Friends brought the culture of a disaffected Generation X to the fore. Many of the Gen-Xers I know strongly identified with all things Friends. Yet, Friends was also important for Millennials. Particularly for older Millennials, Friends was a glimpse into the life we were about to live (not really, but it sure seemed like it).

I was in 6th Grade when Friends airing started in 1994. I was in my 3rd year of university degree when Friends faded to black for the last time. For Generation Xers, the cast of Friends was living life along side them. For Millennials, Ross and Rachel, Chandler and Monica, Joey and Phoebe, were like older siblings, or cool older cousins, the hip kids at the back of the bus. They were the people we wanted be when we grew up. They showed us what young adulthood looked like as we lived our teenage years and first years of adulthood.

Re-watching Friends this time around was a completely different experience. Sure, I knew what was going to happen, but I now know so much better what it is like to fall in love, get married, become a parent, look for work, get an education, straddle that time between adolescence and adulthood. I could see myself in the characters, rather than seeing that older sibling.

But as we made our way through the series, I started noticing something more about Friends, something about community and group dynamics, something about relationships and being part of a group. And, I think there is something to learn from Friends. Something that pastors, church leaders and people in the pews would do well to pay attention to.

What made Friends so special was that it was about deeply flawed people. The characters had deep personal flaws and their lives were greatly affected because of them. Sure plot elements were contrived and needed to fit within the elements of a sit-com, but every episode didn’t resolve neatly and nicely at the end. Relationships were affected in the long term. Life decisions had long term effects on the show. Characters started relationships and broke up, got married and then divorced. They lost jobs and started over. They had issues with addiction, mental health, infertility, sexism, racism, education. They had children and complicated relationships with family. They had all kinds of issues to confront – a lot like people in real life do.

The six characters on Friends are not that different from people in churches – people who come with all manner of complex life issues, people who are deeply flawed, people struggling with relationships, work and family.

And again, like a lot of church people these problems always hovered below the surface. Sometimes conversations about the weather, sports, what to eat for dinner, music, or pop-culture easily slipped into issues rising up and taking over. Old fights were always just one wrong comment from being dredged up again.

And still like church people, the characters of Friends struggled along the way. They didn’t always handle each other and their issues well. They weren’t perfect and couldn’t keep their problems from affecting their relationships and their happiness. Things didn’t always work out (as much as a sit-com could allow for that).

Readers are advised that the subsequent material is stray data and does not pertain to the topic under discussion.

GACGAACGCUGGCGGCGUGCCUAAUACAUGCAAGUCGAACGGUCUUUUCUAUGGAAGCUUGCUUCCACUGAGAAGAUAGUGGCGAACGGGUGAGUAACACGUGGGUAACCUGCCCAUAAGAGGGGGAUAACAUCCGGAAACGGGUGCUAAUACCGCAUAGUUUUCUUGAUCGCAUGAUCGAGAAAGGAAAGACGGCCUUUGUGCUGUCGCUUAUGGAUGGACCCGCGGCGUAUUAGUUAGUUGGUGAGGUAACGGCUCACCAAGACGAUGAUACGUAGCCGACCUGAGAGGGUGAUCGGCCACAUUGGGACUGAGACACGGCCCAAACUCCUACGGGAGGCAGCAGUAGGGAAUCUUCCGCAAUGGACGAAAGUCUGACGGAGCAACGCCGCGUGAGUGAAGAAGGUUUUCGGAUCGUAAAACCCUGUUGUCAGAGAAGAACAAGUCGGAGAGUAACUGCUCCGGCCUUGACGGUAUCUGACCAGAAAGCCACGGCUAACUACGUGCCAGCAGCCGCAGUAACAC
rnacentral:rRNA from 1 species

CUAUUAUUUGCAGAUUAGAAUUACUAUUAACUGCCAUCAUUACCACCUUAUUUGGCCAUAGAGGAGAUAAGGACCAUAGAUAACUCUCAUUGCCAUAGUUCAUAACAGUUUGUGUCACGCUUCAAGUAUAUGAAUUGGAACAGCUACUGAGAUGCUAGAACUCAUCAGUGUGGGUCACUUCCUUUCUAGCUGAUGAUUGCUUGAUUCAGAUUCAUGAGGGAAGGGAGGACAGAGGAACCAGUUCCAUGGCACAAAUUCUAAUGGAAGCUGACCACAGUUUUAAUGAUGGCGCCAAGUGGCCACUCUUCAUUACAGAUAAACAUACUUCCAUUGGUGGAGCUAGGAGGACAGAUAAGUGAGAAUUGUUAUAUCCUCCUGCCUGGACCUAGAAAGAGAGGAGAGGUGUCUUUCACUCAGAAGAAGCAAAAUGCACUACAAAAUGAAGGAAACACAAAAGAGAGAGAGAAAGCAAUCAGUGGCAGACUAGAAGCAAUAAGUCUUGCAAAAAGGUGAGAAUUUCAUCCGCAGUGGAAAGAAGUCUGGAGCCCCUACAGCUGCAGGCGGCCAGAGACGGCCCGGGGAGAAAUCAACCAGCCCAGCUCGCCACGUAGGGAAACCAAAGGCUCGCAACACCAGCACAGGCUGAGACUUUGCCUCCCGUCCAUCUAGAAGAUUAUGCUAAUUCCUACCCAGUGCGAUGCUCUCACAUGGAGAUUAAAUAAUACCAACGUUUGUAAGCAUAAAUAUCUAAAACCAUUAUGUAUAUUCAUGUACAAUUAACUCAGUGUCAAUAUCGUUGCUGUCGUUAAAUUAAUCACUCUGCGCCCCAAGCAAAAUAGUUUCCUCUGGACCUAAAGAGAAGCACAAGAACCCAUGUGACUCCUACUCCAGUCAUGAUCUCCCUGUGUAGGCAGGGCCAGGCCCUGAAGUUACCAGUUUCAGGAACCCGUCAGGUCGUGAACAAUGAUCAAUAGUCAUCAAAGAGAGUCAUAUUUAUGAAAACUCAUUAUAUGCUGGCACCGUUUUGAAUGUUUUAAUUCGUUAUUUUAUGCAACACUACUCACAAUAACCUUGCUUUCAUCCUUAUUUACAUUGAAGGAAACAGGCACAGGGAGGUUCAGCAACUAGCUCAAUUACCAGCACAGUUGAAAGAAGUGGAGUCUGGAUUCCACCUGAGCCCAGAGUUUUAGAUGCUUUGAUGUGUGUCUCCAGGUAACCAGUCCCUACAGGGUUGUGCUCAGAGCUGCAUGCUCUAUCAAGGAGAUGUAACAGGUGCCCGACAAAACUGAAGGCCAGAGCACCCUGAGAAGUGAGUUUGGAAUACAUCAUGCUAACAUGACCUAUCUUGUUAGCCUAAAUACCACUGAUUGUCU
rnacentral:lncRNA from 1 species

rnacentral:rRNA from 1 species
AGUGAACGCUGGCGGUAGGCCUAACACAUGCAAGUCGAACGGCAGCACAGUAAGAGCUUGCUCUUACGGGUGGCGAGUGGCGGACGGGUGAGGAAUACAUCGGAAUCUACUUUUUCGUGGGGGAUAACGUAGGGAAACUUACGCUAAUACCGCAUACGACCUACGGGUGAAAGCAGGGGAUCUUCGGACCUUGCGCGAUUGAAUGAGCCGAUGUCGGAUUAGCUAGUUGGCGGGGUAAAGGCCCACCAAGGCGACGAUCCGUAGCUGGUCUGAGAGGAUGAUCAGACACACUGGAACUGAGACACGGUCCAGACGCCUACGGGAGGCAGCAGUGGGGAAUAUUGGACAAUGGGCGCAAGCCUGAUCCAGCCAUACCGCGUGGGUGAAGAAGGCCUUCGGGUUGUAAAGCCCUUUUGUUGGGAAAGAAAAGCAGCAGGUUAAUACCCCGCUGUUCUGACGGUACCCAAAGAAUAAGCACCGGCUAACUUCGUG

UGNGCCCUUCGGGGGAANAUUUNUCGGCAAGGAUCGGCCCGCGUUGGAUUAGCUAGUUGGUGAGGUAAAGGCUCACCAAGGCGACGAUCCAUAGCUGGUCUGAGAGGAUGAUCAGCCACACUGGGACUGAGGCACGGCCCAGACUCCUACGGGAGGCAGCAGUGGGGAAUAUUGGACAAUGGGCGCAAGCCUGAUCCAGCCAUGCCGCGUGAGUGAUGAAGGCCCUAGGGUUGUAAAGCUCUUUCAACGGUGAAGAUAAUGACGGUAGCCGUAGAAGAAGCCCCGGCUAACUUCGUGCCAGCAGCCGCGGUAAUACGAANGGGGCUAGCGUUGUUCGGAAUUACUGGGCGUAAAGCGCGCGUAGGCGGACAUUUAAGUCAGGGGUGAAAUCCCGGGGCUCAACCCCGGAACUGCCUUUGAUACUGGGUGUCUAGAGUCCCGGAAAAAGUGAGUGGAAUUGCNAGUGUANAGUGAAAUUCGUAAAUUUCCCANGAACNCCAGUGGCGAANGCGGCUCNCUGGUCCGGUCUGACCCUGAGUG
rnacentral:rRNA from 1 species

Watching all 10 seasons of Friends again, really hit my millennial sensibilities. All that time spent doing team-work and learning how to relate to others as a kid, all the time that I spend thinking about congregational systems and group behaviour, all of my interest in how we interact as people in relationship was piqued by Friends this time around.

The thing that hit me was how those six Friends stayed committed to each other despite each other’s flaws, despite the problems and issues, despite the conflict and hurts and pains. It is where Friends diverges from recent hits like Mad Men, Breaking Bad or The Big Bang Theory (where characters seem especially close to blinking on commitment). Their flaws didn’t consume them. Their commitment to each other was never in question.

And this is where Friends so often diverges from the Church. At least in my experience, church people won’t commit to the flaws in other people. We commit to the good stuff, the easy stuff. But when the painful stuff rises to the surface we don’t stick around. Well, at least we find it hard to stay present.

I think we could use a little more Church according to Friends. And I struggle as a Millennial – who was brow-beaten in school with how to manage group relationships – when church people (especially Boomers) are quick to abandon that commitment to each other when our flaws start to show, and especially when our flaws affect our relationships.

I imagine I am not the only Millennial who struggles with this.

And at the risk of making broad generalizations, I think there truly is a difference between Boomers and Millennials. I think Boomers were raised by a generation who suffered collective PTSD after World War 2. I think Boomers were taught to keep the flaws under the rug, to send the problems away when they come to the surface and to, above all, pretend like everything is okay. They were taught this because this is how their parents, the G.I. Generation survived The Great Depression and World War 2.

But when our group dynamic and congregational systems are focused around pretending that the problems don’t exist, that our flaws are hidden, that conflict should be avoided at all costs, it is really off-putting for Millennials who were taught to work things out. We were taught to let the problems come to the surface, to be laid out on the table.